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Health Hack #47 - Restaurant Life During COVID

This week marks six months since COVID-19 became a certified part of our national dialogue. What was “some virus” quickly engulfed the parameters within which we live, and flipped things upside down virtually overnight.

Of the variety of aspects of life that saw stark, immediate change, few were as austere as those imposed upon restaurants, and the retail industry at large. Draconian measures - which, to be clear, were mostly levied with seemingly good reason - instigated mass closures, since dining in, and even ordering in, were quickly forbidden. Many restaurants, particularly of the fine dining ilk, possessed very little takeout delivery experience and infrastructure, and as a result they were left with no choice but to close. Fast food, fast casual (the category that we fall into), and even fine casual establishments fared better than others in the beginning, given their familiarity with the takeout game. But in the end, virtually no restaurant that previously relied on customers ordering and/or dining in has been spared. Interestingly, the pizza industry has managed to do quite well. A large component at play is the fact that ordering and dining in-store comprised a very small contingency of business, pre-COVID; in other words, their modus operandi didn’t actually change quite much. The more that the experience and the theatrical components play into one’s decision making process, the harder it’s been for that particular establishment to stay afloat. Ambience, music, hospitality, vibe. Gone.

Streeteries have helped convert parts of Philadelphia into a European experience, with finer dining establishments getting creative in how to sustain themselves. This unfortunately boils down to luck of the draw in many ways, since only certain businesses have a frontage opportunity ample enough to conduct worthwhile outdoor business. They’re all trying and doing what they can, but it’s a far cry from what they’re used to. Inclement weather could easily knock off 25% of a week’s potential seatings, and at the end of the day, even a robust outdoor arrangement is highly likely to pale in comparison to the overall indoor headcount.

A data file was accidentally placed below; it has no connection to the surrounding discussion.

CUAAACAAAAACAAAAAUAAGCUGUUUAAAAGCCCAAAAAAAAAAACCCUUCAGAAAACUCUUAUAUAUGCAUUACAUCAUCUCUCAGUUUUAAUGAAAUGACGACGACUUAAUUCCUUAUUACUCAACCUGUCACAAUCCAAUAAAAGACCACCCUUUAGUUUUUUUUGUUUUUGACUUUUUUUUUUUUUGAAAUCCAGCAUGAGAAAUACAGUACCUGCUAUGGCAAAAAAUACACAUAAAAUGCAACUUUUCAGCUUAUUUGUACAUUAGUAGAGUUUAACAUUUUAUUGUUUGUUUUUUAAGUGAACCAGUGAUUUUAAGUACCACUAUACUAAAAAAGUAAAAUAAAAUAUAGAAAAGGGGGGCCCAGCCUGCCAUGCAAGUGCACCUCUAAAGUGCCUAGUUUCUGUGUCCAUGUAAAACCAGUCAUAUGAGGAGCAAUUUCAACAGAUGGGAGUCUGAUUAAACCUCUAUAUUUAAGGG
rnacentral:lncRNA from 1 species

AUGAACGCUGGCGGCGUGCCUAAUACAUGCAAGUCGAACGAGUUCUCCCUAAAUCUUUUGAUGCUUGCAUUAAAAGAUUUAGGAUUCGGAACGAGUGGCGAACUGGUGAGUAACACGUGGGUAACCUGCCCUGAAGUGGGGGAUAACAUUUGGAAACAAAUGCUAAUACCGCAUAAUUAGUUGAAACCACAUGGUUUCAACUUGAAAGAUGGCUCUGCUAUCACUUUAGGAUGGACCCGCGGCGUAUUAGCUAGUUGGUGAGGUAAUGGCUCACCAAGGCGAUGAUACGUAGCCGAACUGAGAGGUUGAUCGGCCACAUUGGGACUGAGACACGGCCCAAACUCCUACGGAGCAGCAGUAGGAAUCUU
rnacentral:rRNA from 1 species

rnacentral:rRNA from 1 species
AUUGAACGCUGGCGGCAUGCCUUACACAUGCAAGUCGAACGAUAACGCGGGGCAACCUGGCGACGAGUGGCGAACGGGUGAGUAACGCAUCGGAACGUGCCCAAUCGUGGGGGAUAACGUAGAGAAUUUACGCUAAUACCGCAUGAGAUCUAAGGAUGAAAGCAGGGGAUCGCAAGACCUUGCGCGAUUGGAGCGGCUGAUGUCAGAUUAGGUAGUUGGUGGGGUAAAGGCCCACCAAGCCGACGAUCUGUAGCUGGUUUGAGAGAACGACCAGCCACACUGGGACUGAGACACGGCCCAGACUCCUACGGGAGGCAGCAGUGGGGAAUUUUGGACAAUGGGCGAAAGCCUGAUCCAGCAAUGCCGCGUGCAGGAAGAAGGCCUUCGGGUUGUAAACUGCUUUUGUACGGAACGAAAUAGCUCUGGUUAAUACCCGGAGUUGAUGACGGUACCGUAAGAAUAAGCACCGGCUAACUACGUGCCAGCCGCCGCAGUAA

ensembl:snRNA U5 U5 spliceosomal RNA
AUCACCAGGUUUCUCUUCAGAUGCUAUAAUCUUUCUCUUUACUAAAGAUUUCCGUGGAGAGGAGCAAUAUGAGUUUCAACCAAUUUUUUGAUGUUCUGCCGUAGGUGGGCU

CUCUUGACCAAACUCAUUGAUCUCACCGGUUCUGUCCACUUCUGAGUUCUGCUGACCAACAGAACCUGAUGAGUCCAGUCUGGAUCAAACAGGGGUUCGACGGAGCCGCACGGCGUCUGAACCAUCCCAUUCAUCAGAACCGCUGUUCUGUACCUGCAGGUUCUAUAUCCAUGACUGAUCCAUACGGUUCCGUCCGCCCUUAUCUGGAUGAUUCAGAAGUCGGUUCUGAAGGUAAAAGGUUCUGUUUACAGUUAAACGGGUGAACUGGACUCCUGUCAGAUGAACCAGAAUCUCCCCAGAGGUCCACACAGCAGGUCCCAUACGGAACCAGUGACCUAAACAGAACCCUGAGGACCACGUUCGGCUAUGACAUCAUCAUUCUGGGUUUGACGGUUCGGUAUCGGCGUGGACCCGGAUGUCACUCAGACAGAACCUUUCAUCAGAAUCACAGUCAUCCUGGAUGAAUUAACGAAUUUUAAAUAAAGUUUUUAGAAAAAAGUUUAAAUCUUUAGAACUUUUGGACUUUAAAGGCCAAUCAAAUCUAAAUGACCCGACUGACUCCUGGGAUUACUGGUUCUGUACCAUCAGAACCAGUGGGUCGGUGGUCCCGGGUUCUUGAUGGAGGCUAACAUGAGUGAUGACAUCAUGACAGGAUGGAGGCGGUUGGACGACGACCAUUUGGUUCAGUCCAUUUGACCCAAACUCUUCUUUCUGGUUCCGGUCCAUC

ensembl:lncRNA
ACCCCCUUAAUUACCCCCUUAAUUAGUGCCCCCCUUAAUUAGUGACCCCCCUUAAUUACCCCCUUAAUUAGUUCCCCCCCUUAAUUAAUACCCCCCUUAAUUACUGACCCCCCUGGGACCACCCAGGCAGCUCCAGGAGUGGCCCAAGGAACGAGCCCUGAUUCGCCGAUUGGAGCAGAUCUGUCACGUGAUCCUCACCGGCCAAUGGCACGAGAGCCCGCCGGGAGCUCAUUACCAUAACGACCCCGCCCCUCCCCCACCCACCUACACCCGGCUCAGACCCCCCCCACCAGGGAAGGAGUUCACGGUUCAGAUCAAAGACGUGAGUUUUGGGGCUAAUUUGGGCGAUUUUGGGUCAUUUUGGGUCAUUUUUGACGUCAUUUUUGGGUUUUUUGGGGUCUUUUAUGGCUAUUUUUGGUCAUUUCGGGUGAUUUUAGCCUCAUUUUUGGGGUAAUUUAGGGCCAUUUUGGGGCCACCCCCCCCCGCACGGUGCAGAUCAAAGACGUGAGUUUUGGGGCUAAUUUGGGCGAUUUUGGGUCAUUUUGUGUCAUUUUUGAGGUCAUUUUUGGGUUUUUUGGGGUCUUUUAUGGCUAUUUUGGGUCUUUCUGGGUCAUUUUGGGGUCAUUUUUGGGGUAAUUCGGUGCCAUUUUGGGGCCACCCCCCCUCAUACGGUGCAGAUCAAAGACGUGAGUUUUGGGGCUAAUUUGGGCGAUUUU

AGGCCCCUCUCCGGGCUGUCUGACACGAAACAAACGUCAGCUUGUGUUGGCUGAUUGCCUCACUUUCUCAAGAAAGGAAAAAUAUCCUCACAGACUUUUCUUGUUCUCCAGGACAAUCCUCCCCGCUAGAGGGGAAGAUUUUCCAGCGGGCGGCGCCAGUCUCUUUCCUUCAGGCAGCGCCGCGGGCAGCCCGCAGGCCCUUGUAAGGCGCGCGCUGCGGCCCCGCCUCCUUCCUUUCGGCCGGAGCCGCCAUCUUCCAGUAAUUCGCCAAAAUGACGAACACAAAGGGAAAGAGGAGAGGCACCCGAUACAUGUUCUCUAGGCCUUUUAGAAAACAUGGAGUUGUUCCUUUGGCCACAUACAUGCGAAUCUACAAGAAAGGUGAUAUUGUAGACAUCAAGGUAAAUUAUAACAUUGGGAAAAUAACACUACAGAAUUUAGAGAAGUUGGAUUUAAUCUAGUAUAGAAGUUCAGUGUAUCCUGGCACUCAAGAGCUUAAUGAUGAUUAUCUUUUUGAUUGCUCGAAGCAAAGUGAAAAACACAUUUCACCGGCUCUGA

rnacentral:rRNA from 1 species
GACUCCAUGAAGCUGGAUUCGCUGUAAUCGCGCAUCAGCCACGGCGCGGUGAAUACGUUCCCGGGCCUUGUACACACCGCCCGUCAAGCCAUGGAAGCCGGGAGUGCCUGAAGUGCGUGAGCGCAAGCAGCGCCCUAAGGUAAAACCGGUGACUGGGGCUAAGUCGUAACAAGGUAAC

There is a much more nuanced conversation occurring within the industry itself, namely surrounding the manner in which restaurant leases are being handled. For the unfamiliar, it’s extremely rare for an urban-based restaurant to own the space in which they operate, and this is true even of most free-standing buildings in lesser dense regions of the city. On the surface it seems like a no brainer - the restaurant is highly compromised and operating at a fraction of standard capacity for reasons entirely outside of their control. Reduce the rent to match the reduction in volume. However, the totem pole is a bit larger than meets the eye. Above most landlords holding urban commercial real estate typically sits a lender (i.e. a bank), seeking payment on a monthly recurring mortgage payment. A landlord’s ability to service a mortgage is generally contingent on their ability to collect rent from their tenants. Unless these closed door negotiations between bank and landlord amount to favorable term adjustments for the landlord, there may not be a favorable trickle down effect extended from landlord to tenant. Granted, each lease is different, and some may carry force majeure clauses that can be cited to the benefit of the tenant, but there doesn’t appear to be many straightforward, ironclad agreements being struck. Frankly, it’s very difficult since no one knows what the future ramifications of this pandemic will look like.  

These tensions would largely all be moot if pandemics qualified as “business interruptions” from an insurance carrier viewpoint, but pandemics are excluded. A riot that shatters a storefront and ravages an interior is deemed an interruption to business because of the physical implications it carries. Things were broken and things were stolen. A pandemic has no physical impact on a restaurant, and therefore it’s not a business interruption. Go figure.

What Makes the Restaurant Industry Unique

Navigating how to operate a restaurant within a highly compromised, entirely new paradigm, on the fly, is obviously quite difficult. Compound that with the background concerns of rent payments and lease re-negotiations, and it can begin to feel a bit overwhelming. Granted, most lifestyles and companies have endured extreme change too, so we’re not very unique in that sense. But the restaurant industry is quite unique in one particular manner, which has amplified the strains on owners and operators, and is likely to have plenty of ripple effects into the distant future.

Statistically speaking, if you’re aiming to start a profitable business, you’d be a complete idiot to open a restaurant. The failure rate is astronomical. The industry-accepted margins for success are razor thin. There is truly no less desirable industry when judging via propensity for a return on investment. Aside from the occasional unicorn, most mainstay restaurants are doing a little better than treading water. For many, it’s a pursuit of passion. The drive to enact change within the food landscape, to scratch one’s own itch. Ego is a huge driver of new restaurant openings. All of those other players fail because they’re lousy. I can do it better. You watch.